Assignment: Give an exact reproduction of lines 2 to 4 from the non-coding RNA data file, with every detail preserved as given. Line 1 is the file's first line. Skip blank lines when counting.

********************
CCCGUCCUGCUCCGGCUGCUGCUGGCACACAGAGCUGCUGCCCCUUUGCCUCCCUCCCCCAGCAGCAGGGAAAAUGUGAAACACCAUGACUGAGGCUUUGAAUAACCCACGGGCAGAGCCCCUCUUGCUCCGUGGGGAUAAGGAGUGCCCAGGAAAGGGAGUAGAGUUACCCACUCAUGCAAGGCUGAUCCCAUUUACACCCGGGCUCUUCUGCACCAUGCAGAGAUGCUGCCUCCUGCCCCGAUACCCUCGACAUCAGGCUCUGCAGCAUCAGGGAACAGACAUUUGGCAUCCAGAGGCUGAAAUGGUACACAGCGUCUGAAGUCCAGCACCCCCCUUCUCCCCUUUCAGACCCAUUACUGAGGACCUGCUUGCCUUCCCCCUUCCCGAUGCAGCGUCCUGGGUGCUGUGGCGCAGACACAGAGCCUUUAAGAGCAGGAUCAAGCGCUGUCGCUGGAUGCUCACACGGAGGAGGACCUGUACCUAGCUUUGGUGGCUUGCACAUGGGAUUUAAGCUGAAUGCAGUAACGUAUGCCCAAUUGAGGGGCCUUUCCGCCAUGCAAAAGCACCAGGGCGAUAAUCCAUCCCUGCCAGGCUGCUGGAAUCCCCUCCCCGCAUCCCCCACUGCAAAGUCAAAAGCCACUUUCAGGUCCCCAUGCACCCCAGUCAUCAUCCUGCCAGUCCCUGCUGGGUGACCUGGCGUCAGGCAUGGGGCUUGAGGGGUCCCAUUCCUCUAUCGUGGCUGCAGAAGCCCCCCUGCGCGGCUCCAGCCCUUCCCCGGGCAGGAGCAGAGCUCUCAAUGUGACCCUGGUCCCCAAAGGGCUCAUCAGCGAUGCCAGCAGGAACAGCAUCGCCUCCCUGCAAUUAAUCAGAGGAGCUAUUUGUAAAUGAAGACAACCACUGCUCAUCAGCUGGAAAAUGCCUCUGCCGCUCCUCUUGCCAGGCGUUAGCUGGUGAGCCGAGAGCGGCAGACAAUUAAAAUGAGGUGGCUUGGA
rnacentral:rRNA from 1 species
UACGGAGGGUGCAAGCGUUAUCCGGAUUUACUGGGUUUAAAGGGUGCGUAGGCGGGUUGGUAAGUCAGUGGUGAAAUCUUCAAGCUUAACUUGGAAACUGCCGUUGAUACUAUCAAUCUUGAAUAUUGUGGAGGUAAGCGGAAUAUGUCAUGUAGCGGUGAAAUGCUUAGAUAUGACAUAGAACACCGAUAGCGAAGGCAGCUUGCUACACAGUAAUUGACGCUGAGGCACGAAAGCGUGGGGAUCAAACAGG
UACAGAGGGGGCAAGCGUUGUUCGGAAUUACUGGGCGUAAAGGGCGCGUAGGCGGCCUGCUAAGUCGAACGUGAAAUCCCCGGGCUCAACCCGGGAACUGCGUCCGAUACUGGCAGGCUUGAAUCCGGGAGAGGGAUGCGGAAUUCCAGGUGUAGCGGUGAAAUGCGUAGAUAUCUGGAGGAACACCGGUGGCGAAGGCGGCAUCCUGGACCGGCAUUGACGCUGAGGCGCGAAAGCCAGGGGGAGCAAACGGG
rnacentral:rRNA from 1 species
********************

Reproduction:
rnacentral:rRNA from 1 species
UACGGAGGGUGCAAGCGUUAUCCGGAUUUACUGGGUUUAAAGGGUGCGUAGGCGGGUUGGUAAGUCAGUGGUGAAAUCUUCAAGCUUAACUUGGAAACUGCCGUUGAUACUAUCAAUCUUGAAUAUUGUGGAGGUAAGCGGAAUAUGUCAUGUAGCGGUGAAAUGCUUAGAUAUGACAUAGAACACCGAUAGCGAAGGCAGCUUGCUACACAGUAAUUGACGCUGAGGCACGAAAGCGUGGGGAUCAAACAGG
UACAGAGGGGGCAAGCGUUGUUCGGAAUUACUGGGCGUAAAGGGCGCGUAGGCGGCCUGCUAAGUCGAACGUGAAAUCCCCGGGCUCAACCCGGGAACUGCGUCCGAUACUGGCAGGCUUGAAUCCGGGAGAGGGAUGCGGAAUUCCAGGUGUAGCGGUGAAAUGCGUAGAUAUCUGGAGGAACACCGGUGGCGAAGGCGGCAUCCUGGACCGGCAUUGACGCUGAGGCGCGAAAGCCAGGGGGAGCAAACGGG